Will JavaScript type annotations kill TypeScript?
The creators of Svelte and Turbo 8 both dropped TS recently saying that "it's not worth it".
Yes: If JavaScript gets type annotations then there's no reason for TypeScript to exist.
No: TypeScript remains the best language for structuring large enterprise applications.
TBD: The existing user base and its corpensource owner means that TypeScript isn’t likely to reach EOL without a putting up a fight.
I hope they both die. I mean, if you really need strong types in the browser then you could leverage WASM and use a real programming language.
I don’t know and I don’t care.
AI / Python

Python Gets Its Mojo Working for AI

Combining the usability of Python with the performance of C, Mojo is a new programming language designed specifically for AI developers.
Jul 3rd, 2023 4:00am by
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Feature photo by Joe Green on Unsplash

Could Mojo really speed up Python code by a factor of 3,500?

This is a claim being made about this new superset of Python, one tweaked for performance in the artificial intelligence (AI)  space.

Python, like all things software related, is fallible. But now, with open data, and AI development systems exploding in size scope, the drive to solve Python’s performance issues is intensifying.

Currently, the modus operandi is to write as much code in Python as possible and rely on C, Rust, or other performant language wrappers for specifically performant sections of code (i.e. inner loops). Even libraries such as Numpy or PyTorch don’t lean only on Python. Rather, they provide “pythonic” interfaces that allow the developer to write Python but connect to highly optimized numeric libraries.

Alas, always needing two languages — called the two-world problem, or hybrid libraries — adds a thick layer of complexity to debugging. It also makes using large frameworks much more difficult.

And AI makes this a three-world/n-problem. Innovation in the AI world is limited when it comes to programming systems. CUDA is a programming language only compatible with one hardware maker. Several new hardware systems are in development but there’s no uniform language that works with every system. These further fragments programming systems within the AI community.

Lastly, there’s mobile and server deployment which is also a huge category. Challenges in this area include how to control dependencies, how to deploy hermetically compiled “a.out”, and improving multithreading and performance.

Introducing Mojo, a Fast Superset of Python

The Mojo development team didn’t want to add to or create another fragmented ecosystem. Rather they aimed to create a strict superset of Python meaning full compatibility with the Python ecosystem. They specifically do not want to drag up the trauma from the Python 2 to 3 migration.

Though Mojo is a superset, it is also in development as a first-class language. The dev team wanted predictable, low-level performance and low-level control. They also need the ability to deploy subsets of code to accelerators (the host CPU). Mojo developers are embracing the CPython implementation for long-tail ecosystem support. Mojo will look and feel familiar to Python programmers. Mojo will also include new tools that help develop safe and performant systems-level code that would otherwise require C, C++ code below Python.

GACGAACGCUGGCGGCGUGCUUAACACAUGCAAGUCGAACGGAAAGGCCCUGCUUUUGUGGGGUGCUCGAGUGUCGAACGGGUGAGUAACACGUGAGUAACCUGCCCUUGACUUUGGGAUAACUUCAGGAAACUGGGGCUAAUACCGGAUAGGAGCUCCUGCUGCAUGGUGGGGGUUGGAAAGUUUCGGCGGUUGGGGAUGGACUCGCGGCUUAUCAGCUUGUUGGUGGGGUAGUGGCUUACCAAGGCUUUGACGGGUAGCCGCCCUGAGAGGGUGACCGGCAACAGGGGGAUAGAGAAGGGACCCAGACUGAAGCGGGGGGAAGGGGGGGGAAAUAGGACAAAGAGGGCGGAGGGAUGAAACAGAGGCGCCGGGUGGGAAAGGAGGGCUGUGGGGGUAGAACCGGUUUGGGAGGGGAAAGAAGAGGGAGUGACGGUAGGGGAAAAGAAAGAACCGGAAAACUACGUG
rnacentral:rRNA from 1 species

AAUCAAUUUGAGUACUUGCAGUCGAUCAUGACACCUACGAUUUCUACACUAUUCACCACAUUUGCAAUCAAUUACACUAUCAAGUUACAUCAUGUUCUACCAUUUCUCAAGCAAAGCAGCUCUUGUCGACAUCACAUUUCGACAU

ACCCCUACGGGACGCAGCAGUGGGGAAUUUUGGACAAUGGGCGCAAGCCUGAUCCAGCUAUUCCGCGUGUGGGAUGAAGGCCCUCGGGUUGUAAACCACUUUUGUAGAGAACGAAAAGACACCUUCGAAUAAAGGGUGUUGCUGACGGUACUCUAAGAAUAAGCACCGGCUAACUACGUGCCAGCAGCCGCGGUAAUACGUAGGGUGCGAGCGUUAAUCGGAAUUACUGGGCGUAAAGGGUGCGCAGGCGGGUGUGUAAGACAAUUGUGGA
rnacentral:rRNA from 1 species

Chris Lattner started the development of Mojo a while back, by way of an “intermediate representation” (IR), a special language designed specifically for machines to read and write, through the LLVM Linux virtual machine. This development enabled a community of software to work together to provide better programming language functionality across a wider range of hardware. During his time at Apple, Lattner created “syntax sugar for LLVM,” which is a language we know as Swift.

Later, while at Google, Lattner created a Multi-Level Intermediate Representation (MLIR) to replace LLVM’s IR for many-core computing and AI workloads. Lattner went on to create a little more of that “syntax sugar” but this time for MLIR. This became Mojo.

What about that 3500x Claim?

Like everything else in this world, read the fine print. It depends on the hardware. The docs confirm a “yes” but more specifically, “Mojo enables systems-level optimizations and flexibility that unlock the features of any device in a way that Python cannot.” The Mondelbrot benchmarks shown in the launch keynote that made these claims ran on an AWS r7iz.metal-16xl machine.

3500x is a lot. And even if every machine can’t guarantee these numbers doesn’t mean this is a failure. Advertising, amirite?

The Mojo playground is where users can play with Mojo code. The docs were clear that the Mojo playground doesn’t run on the AWS r7iz.metal-16xl machine. The playground runs on a fleet of AWS EC2 C6i instances divided among all active users at any given time. 1 vCPU core is guaranteed per user but more might be available if you’re on at a slow time.

Where Does Mojo Stand Today?

This is the second article in as many months that I wrote about a solution for Python’s performance issues. Maybe Mojo is the front-runner. Maybe another development team is going to do it better or faster. Python is likely going to stay the leading programming language for big data, ML, and AI but it needs help to do the job better. Something is going to act as an intermediary solution.

The development team will open source the language but they didn’t publish a release date yet. The FAQ page also shares a lot of insight into Mojo, Python, and Mojo alternatives for anyone looking for an immediate solution.

Mojo docs writers did an incredible job with spelling out features. Since the language isn’t available yet and is still in development, the docs are the best place to read about them then head on over to the playground and give ‘em a whirl.

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